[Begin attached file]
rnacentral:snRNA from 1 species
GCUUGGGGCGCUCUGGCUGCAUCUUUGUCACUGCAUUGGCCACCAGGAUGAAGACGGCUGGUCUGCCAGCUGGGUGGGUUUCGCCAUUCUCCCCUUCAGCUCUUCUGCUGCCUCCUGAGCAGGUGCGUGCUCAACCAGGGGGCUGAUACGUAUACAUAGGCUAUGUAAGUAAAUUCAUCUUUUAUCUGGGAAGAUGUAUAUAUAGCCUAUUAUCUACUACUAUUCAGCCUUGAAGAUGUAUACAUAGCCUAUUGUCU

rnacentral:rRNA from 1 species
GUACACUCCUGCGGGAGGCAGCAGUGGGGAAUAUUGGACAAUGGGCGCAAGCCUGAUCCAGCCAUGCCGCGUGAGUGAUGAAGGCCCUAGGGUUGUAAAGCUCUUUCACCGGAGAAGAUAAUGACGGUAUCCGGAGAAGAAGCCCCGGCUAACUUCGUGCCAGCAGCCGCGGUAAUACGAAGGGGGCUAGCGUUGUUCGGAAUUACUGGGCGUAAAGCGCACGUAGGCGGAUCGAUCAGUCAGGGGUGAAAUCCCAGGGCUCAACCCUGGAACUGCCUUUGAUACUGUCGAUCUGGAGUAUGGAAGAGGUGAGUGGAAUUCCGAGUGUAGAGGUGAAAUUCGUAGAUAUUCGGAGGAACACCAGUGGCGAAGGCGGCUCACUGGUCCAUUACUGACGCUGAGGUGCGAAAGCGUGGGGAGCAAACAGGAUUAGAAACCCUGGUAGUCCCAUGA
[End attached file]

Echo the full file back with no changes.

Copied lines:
rnacentral:snRNA from 1 species
GCUUGGGGCGCUCUGGCUGCAUCUUUGUCACUGCAUUGGCCACCAGGAUGAAGACGGCUGGUCUGCCAGCUGGGUGGGUUUCGCCAUUCUCCCCUUCAGCUCUUCUGCUGCCUCCUGAGCAGGUGCGUGCUCAACCAGGGGGCUGAUACGUAUACAUAGGCUAUGUAAGUAAAUUCAUCUUUUAUCUGGGAAGAUGUAUAUAUAGCCUAUUAUCUACUACUAUUCAGCCUUGAAGAUGUAUACAUAGCCUAUUGUCU

rnacentral:rRNA from 1 species
GUACACUCCUGCGGGAGGCAGCAGUGGGGAAUAUUGGACAAUGGGCGCAAGCCUGAUCCAGCCAUGCCGCGUGAGUGAUGAAGGCCCUAGGGUUGUAAAGCUCUUUCACCGGAGAAGAUAAUGACGGUAUCCGGAGAAGAAGCCCCGGCUAACUUCGUGCCAGCAGCCGCGGUAAUACGAAGGGGGCUAGCGUUGUUCGGAAUUACUGGGCGUAAAGCGCACGUAGGCGGAUCGAUCAGUCAGGGGUGAAAUCCCAGGGCUCAACCCUGGAACUGCCUUUGAUACUGUCGAUCUGGAGUAUGGAAGAGGUGAGUGGAAUUCCGAGUGUAGAGGUGAAAUUCGUAGAUAUUCGGAGGAACACCAGUGGCGAAGGCGGCUCACUGGUCCAUUACUGACGCUGAGGUGCGAAAGCGUGGGGAGCAAACAGGAUUAGAAACCCUGGUAGUCCCAUGA